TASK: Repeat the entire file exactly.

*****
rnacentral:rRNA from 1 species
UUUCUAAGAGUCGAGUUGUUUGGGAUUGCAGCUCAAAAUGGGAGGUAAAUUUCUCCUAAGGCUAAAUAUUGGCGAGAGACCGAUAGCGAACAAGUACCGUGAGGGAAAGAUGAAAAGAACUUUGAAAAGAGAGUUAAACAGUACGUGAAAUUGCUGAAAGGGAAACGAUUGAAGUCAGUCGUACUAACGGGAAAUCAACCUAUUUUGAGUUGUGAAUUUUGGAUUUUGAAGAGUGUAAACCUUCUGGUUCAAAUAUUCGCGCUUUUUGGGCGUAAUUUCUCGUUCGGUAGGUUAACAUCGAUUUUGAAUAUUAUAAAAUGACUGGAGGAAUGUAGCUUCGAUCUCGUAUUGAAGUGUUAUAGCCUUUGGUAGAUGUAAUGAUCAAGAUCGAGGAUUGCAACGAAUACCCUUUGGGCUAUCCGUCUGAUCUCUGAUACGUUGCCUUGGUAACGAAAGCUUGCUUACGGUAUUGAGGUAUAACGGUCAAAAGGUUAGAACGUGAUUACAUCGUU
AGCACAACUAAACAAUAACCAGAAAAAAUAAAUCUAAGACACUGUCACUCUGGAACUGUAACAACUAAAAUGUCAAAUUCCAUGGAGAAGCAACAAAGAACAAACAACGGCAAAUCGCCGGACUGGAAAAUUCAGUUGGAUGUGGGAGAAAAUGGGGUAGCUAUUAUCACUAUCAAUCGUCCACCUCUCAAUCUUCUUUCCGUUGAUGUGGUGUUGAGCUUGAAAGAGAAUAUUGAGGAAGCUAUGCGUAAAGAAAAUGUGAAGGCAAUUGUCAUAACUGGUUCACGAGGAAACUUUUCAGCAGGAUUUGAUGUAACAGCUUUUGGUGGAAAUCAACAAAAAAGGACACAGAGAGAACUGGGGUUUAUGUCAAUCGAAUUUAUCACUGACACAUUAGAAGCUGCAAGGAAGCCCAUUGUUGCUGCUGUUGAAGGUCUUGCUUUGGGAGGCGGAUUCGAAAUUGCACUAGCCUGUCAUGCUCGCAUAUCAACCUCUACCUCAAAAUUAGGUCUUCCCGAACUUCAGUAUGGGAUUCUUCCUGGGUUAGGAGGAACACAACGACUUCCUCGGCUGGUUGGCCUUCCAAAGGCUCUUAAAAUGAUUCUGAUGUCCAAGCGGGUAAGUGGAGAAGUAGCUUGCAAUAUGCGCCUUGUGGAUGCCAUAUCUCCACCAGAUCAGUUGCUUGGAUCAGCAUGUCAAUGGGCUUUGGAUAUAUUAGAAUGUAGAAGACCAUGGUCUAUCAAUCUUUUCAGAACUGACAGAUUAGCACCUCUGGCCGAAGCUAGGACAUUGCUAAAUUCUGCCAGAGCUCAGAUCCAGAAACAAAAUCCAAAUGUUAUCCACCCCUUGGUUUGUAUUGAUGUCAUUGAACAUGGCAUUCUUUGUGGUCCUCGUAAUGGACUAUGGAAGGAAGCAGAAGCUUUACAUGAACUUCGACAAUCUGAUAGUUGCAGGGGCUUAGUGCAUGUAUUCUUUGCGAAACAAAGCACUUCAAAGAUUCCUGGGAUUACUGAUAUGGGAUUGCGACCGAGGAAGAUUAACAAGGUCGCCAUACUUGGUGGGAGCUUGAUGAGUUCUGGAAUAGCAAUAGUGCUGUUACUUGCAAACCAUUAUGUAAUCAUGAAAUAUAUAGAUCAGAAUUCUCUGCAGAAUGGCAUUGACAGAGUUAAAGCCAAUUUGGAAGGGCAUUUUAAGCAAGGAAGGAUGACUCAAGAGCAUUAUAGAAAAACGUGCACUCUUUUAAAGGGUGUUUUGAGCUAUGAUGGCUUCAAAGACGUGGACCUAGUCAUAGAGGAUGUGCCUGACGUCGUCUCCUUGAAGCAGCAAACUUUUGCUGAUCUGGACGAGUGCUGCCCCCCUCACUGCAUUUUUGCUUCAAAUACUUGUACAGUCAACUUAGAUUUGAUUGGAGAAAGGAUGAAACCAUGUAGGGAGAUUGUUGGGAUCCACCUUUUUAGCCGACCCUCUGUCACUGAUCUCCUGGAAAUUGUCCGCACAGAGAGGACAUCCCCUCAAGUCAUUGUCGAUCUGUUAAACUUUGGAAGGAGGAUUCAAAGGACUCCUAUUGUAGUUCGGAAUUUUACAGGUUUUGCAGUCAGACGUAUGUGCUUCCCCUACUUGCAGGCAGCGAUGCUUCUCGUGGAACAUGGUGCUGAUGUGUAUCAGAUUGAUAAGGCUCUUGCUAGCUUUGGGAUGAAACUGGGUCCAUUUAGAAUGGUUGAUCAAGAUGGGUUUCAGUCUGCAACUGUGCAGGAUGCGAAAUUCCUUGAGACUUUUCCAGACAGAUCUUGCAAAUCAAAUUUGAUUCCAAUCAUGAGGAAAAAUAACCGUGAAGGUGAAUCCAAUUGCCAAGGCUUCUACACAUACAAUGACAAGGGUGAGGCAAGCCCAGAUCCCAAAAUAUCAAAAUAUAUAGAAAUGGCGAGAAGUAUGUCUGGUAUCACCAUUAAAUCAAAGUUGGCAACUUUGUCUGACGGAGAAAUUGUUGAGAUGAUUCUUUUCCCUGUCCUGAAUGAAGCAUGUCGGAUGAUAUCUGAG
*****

rnacentral:rRNA from 1 species
UUUCUAAGAGUCGAGUUGUUUGGGAUUGCAGCUCAAAAUGGGAGGUAAAUUUCUCCUAAGGCUAAAUAUUGGCGAGAGACCGAUAGCGAACAAGUACCGUGAGGGAAAGAUGAAAAGAACUUUGAAAAGAGAGUUAAACAGUACGUGAAAUUGCUGAAAGGGAAACGAUUGAAGUCAGUCGUACUAACGGGAAAUCAACCUAUUUUGAGUUGUGAAUUUUGGAUUUUGAAGAGUGUAAACCUUCUGGUUCAAAUAUUCGCGCUUUUUGGGCGUAAUUUCUCGUUCGGUAGGUUAACAUCGAUUUUGAAUAUUAUAAAAUGACUGGAGGAAUGUAGCUUCGAUCUCGUAUUGAAGUGUUAUAGCCUUUGGUAGAUGUAAUGAUCAAGAUCGAGGAUUGCAACGAAUACCCUUUGGGCUAUCCGUCUGAUCUCUGAUACGUUGCCUUGGUAACGAAAGCUUGCUUACGGUAUUGAGGUAUAACGGUCAAAAGGUUAGAACGUGAUUACAUCGUU
AGCACAACUAAACAAUAACCAGAAAAAAUAAAUCUAAGACACUGUCACUCUGGAACUGUAACAACUAAAAUGUCAAAUUCCAUGGAGAAGCAACAAAGAACAAACAACGGCAAAUCGCCGGACUGGAAAAUUCAGUUGGAUGUGGGAGAAAAUGGGGUAGCUAUUAUCACUAUCAAUCGUCCACCUCUCAAUCUUCUUUCCGUUGAUGUGGUGUUGAGCUUGAAAGAGAAUAUUGAGGAAGCUAUGCGUAAAGAAAAUGUGAAGGCAAUUGUCAUAACUGGUUCACGAGGAAACUUUUCAGCAGGAUUUGAUGUAACAGCUUUUGGUGGAAAUCAACAAAAAAGGACACAGAGAGAACUGGGGUUUAUGUCAAUCGAAUUUAUCACUGACACAUUAGAAGCUGCAAGGAAGCCCAUUGUUGCUGCUGUUGAAGGUCUUGCUUUGGGAGGCGGAUUCGAAAUUGCACUAGCCUGUCAUGCUCGCAUAUCAACCUCUACCUCAAAAUUAGGUCUUCCCGAACUUCAGUAUGGGAUUCUUCCUGGGUUAGGAGGAACACAACGACUUCCUCGGCUGGUUGGCCUUCCAAAGGCUCUUAAAAUGAUUCUGAUGUCCAAGCGGGUAAGUGGAGAAGUAGCUUGCAAUAUGCGCCUUGUGGAUGCCAUAUCUCCACCAGAUCAGUUGCUUGGAUCAGCAUGUCAAUGGGCUUUGGAUAUAUUAGAAUGUAGAAGACCAUGGUCUAUCAAUCUUUUCAGAACUGACAGAUUAGCACCUCUGGCCGAAGCUAGGACAUUGCUAAAUUCUGCCAGAGCUCAGAUCCAGAAACAAAAUCCAAAUGUUAUCCACCCCUUGGUUUGUAUUGAUGUCAUUGAACAUGGCAUUCUUUGUGGUCCUCGUAAUGGACUAUGGAAGGAAGCAGAAGCUUUACAUGAACUUCGACAAUCUGAUAGUUGCAGGGGCUUAGUGCAUGUAUUCUUUGCGAAACAAAGCACUUCAAAGAUUCCUGGGAUUACUGAUAUGGGAUUGCGACCGAGGAAGAUUAACAAGGUCGCCAUACUUGGUGGGAGCUUGAUGAGUUCUGGAAUAGCAAUAGUGCUGUUACUUGCAAACCAUUAUGUAAUCAUGAAAUAUAUAGAUCAGAAUUCUCUGCAGAAUGGCAUUGACAGAGUUAAAGCCAAUUUGGAAGGGCAUUUUAAGCAAGGAAGGAUGACUCAAGAGCAUUAUAGAAAAACGUGCACUCUUUUAAAGGGUGUUUUGAGCUAUGAUGGCUUCAAAGACGUGGACCUAGUCAUAGAGGAUGUGCCUGACGUCGUCUCCUUGAAGCAGCAAACUUUUGCUGAUCUGGACGAGUGCUGCCCCCCUCACUGCAUUUUUGCUUCAAAUACUUGUACAGUCAACUUAGAUUUGAUUGGAGAAAGGAUGAAACCAUGUAGGGAGAUUGUUGGGAUCCACCUUUUUAGCCGACCCUCUGUCACUGAUCUCCUGGAAAUUGUCCGCACAGAGAGGACAUCCCCUCAAGUCAUUGUCGAUCUGUUAAACUUUGGAAGGAGGAUUCAAAGGACUCCUAUUGUAGUUCGGAAUUUUACAGGUUUUGCAGUCAGACGUAUGUGCUUCCCCUACUUGCAGGCAGCGAUGCUUCUCGUGGAACAUGGUGCUGAUGUGUAUCAGAUUGAUAAGGCUCUUGCUAGCUUUGGGAUGAAACUGGGUCCAUUUAGAAUGGUUGAUCAAGAUGGGUUUCAGUCUGCAACUGUGCAGGAUGCGAAAUUCCUUGAGACUUUUCCAGACAGAUCUUGCAAAUCAAAUUUGAUUCCAAUCAUGAGGAAAAAUAACCGUGAAGGUGAAUCCAAUUGCCAAGGCUUCUACACAUACAAUGACAAGGGUGAGGCAAGCCCAGAUCCCAAAAUAUCAAAAUAUAUAGAAAUGGCGAGAAGUAUGUCUGGUAUCACCAUUAAAUCAAAGUUGGCAACUUUGUCUGACGGAGAAAUUGUUGAGAUGAUUCUUUUCCCUGUCCUGAAUGAAGCAUGUCGGAUGAUAUCUGAG